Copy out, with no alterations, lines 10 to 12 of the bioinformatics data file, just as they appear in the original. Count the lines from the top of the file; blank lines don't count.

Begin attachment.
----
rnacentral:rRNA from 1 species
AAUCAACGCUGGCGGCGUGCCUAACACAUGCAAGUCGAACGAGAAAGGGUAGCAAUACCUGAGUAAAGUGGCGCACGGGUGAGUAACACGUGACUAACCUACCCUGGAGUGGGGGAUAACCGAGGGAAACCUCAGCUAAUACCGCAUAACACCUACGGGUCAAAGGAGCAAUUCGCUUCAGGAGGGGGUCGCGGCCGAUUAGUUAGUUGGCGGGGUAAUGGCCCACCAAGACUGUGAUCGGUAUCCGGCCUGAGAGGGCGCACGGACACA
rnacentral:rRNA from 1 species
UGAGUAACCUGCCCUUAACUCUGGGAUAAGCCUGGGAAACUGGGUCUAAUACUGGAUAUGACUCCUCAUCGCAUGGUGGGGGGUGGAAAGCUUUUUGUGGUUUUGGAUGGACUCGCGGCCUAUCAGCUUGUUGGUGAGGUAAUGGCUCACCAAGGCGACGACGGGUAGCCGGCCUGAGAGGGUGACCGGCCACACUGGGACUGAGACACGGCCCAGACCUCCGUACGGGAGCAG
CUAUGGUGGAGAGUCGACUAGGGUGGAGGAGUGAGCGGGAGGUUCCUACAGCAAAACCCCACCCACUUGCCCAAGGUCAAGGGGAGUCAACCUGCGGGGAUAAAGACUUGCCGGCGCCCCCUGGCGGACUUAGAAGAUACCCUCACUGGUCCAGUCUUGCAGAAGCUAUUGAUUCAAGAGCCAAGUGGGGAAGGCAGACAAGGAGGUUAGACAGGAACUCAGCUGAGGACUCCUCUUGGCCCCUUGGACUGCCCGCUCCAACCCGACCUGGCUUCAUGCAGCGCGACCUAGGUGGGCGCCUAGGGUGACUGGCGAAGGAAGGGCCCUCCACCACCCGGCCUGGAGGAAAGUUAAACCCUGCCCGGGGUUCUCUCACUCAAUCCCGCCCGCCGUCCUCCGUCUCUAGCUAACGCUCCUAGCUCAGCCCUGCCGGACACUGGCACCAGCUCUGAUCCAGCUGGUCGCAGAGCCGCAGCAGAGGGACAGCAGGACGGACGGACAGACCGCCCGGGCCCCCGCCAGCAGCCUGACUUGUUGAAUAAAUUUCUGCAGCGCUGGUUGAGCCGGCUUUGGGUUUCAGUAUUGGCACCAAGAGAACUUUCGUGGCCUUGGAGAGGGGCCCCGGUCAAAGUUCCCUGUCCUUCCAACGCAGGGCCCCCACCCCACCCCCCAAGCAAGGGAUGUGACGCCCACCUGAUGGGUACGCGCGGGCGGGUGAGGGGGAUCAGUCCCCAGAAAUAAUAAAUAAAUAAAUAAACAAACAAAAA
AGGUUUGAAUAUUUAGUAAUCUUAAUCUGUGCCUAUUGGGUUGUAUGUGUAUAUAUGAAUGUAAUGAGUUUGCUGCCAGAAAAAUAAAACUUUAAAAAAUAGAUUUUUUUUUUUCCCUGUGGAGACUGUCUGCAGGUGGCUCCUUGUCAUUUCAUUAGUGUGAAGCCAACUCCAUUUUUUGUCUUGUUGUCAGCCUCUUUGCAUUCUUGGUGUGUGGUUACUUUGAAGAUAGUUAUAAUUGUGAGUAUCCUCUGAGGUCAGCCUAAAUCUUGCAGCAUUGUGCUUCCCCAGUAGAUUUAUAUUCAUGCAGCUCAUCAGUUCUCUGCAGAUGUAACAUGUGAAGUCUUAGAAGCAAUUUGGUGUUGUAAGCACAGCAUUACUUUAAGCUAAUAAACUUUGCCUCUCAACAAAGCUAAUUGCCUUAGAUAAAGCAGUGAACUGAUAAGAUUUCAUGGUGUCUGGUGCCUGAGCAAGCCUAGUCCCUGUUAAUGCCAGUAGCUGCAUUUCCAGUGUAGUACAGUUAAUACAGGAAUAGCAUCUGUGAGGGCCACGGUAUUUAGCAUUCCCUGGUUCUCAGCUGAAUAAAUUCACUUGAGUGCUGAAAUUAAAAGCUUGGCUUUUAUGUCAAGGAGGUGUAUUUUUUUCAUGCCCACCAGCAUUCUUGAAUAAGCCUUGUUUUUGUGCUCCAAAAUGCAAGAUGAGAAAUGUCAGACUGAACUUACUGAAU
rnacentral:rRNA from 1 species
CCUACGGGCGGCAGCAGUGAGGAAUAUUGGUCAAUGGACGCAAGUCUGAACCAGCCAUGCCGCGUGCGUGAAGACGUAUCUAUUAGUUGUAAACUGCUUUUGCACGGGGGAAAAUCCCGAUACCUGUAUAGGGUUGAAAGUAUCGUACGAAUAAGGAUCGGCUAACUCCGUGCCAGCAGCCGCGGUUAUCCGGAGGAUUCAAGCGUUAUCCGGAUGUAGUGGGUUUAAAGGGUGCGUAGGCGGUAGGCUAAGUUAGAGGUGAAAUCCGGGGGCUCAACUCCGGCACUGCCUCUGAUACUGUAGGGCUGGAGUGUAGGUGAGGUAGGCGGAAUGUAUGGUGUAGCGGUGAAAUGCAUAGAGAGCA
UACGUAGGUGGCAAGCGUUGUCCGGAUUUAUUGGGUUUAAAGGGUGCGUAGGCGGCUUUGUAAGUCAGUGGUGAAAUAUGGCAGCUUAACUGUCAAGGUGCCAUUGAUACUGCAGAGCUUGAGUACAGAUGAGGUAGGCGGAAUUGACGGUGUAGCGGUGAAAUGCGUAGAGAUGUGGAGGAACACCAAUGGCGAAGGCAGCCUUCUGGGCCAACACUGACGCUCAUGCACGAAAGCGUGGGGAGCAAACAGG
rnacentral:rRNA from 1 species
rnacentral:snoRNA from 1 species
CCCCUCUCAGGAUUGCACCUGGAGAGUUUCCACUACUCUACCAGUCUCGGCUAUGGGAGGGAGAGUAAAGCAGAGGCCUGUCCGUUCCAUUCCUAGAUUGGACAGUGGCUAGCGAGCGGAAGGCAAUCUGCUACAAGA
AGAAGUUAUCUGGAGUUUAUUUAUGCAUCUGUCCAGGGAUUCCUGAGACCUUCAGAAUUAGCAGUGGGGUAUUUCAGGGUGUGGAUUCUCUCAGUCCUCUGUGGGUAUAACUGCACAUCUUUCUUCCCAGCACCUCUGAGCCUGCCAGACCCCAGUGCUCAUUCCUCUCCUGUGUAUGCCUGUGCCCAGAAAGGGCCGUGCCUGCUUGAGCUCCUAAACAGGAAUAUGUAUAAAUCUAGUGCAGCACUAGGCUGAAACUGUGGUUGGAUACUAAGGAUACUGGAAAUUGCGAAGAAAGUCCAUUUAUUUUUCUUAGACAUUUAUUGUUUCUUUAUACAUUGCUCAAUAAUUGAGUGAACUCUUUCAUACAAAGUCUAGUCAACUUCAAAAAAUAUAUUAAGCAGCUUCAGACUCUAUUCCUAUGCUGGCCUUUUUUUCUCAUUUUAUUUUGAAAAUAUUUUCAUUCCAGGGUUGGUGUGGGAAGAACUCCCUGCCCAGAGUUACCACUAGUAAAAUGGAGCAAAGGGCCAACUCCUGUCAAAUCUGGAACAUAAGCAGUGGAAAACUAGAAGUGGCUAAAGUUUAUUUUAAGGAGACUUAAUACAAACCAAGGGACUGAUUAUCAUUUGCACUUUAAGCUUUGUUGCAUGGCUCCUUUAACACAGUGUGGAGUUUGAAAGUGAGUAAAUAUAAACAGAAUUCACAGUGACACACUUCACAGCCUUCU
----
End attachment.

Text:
rnacentral:rRNA from 1 species
rnacentral:snoRNA from 1 species
CCCCUCUCAGGAUUGCACCUGGAGAGUUUCCACUACUCUACCAGUCUCGGCUAUGGGAGGGAGAGUAAAGCAGAGGCCUGUCCGUUCCAUUCCUAGAUUGGACAGUGGCUAGCGAGCGGAAGGCAAUCUGCUACAAGA